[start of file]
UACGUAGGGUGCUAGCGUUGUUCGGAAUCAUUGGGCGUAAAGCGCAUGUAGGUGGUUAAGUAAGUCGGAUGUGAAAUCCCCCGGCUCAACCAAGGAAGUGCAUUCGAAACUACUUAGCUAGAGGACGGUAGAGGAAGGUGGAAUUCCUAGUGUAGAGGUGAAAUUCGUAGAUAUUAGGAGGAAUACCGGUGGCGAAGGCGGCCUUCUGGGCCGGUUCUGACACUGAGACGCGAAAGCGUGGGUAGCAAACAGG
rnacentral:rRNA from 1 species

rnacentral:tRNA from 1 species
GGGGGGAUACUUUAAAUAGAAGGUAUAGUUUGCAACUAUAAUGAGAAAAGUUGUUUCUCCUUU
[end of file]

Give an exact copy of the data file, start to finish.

UACGUAGGGUGCUAGCGUUGUUCGGAAUCAUUGGGCGUAAAGCGCAUGUAGGUGGUUAAGUAAGUCGGAUGUGAAAUCCCCCGGCUCAACCAAGGAAGUGCAUUCGAAACUACUUAGCUAGAGGACGGUAGAGGAAGGUGGAAUUCCUAGUGUAGAGGUGAAAUUCGUAGAUAUUAGGAGGAAUACCGGUGGCGAAGGCGGCCUUCUGGGCCGGUUCUGACACUGAGACGCGAAAGCGUGGGUAGCAAACAGG
rnacentral:rRNA from 1 species

rnacentral:tRNA from 1 species
GGGGGGAUACUUUAAAUAGAAGGUAUAGUUUGCAACUAUAAUGAGAAAAGUUGUUUCUCCUUU